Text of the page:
Top: Panusaya “Rung” Sithijirawattanakul and other activists speak at a news conference at Thammasat University on Sept. 9, 2020.
When student-led protests broke out in February, they were sparked by the disbandment of a popular opposition party. The movement soon gained momentum, spurred onward by discontent among the younger generations with PM Prayut Chan-o-cha, who has been in power since he staged a coup in 2014.
The protests were paused due to the coronavirus outbreak in March. They resumed again in July, with even larger turnouts. The sight of young people taking to the streets to demand PM Prayut’s resignation captivated the country and beyond.
But the demonstrations truly took a historic turn that shocked all when a 22-year-old student named Panusaya Sithijirawattanakul, or Rung, stepped onto a stage at Thammasat University’s Rangsit Campus on Aug. 10. There, she read a 10-point manifesto that challenged the institution at the very top of Thailand’s social strata.
“We came up with the ten demands as a group,” fellow activist Parit “Penguin” Chiwarak recalled of that fateful night. “However, Panusaya volunteered to read it out on stage. I asked her, ‘Are you sure, since it’s very radical?’ and she insisted on doing so.”
Speaking onstage to loud cheers, Panusaya listed out demands to reform the monarchy, from bringing the crown assets under civilian control to abolishing the royal defamation law. Although the campaign faced stiff resistance from foes and allies alike at first, reforming the monarchy soon dominated the protests, eventually becoming one of their core demands.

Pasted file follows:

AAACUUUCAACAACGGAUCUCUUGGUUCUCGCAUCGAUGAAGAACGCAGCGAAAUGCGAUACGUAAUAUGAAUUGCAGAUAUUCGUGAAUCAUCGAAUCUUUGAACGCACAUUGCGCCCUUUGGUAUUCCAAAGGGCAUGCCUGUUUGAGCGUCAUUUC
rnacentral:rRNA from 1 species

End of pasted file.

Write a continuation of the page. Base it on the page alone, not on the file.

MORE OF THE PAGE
Calls to reform the institution aren’t exactly new. As far back as 2010, historian Somsak Jeamteerasakul issued a similar manifesto that sought to democratize the royal institution, and protest leader Arnon Nampha in July said the movement should not stop at ousting the government. But it was Panusaya’s bold statement on that night in Thammasat that finally tipped the scales.
“The magnitude was way beyond our expectations,” Parit said. “Everyone is talking more openly about the monarchy. It has long been an issue in Thai society, but no one was talking about it since they were all afraid.”
He added, “We shattered that ceiling.”
A Controversial Figure
Frank discussions about the monarchy remain a taboo in Thailand. Panusaya’s bid to escalate the ongoing anti-government protests alarmed many allies who feared it would alienate large portions of Thai public. Opposition politicians, who had been supporting the protests until that point, sought to distance themselves from the budding movement.
Pro-establishment figures also seized on the turn of events to question whether the protest leadership had a hidden agenda to sabotage the Royal Family. PM Prayut Chan-o-cha himself called Panusaya’s speech inappropriate and said she has stepped “out of line.”
“I think she may not understand Thai society and its roots,” said Warong Dechgitvigrom, leader of royalist Thai Phakdee Group – which was formed in response to Panusaya’s reform campaign. “What she’s doing is overthrowing the monarchy institution, and they are close to becoming communists.”
“This will fulfill the desire of those masterminding the protests from behind,” Warong continued.
Apparently fearful of reprisals, Thammasat University issued a statement that its administration was not aware of what Panusaya planned to say onstage when it permitted her group to use the campus for the protest on Aug. 10.
Titipol Phakdeewanich, a political scientist from Ubon Ratchathani University, agreed that the monarchy reform campaign is a double-edged sword for the protesters. On one hand, It provokes discussion among the new generation who “already have doubts” about the institution, but at the same time invites backlash from conservatives, he said.
“They [the calls for monarchy reform] undermine the legitimacy of the movement, but that’s normal in democratic society where different opinions exist,” Titipol said.
There were also legal consequences. Starting in late November, police slapped the reformists, Panusaya included, with a flurry of lese majeste charges– the very same offense that the activists sought to abolish.
Panusaya alone faces four counts of lese majeste. Each of them can land her in prison up to 15 years. But that does not seem to deter Panusaya from pursuing the campaign, despite the fact that she already spent 16 days in jail in October for her roles in organizing the anti-government protests.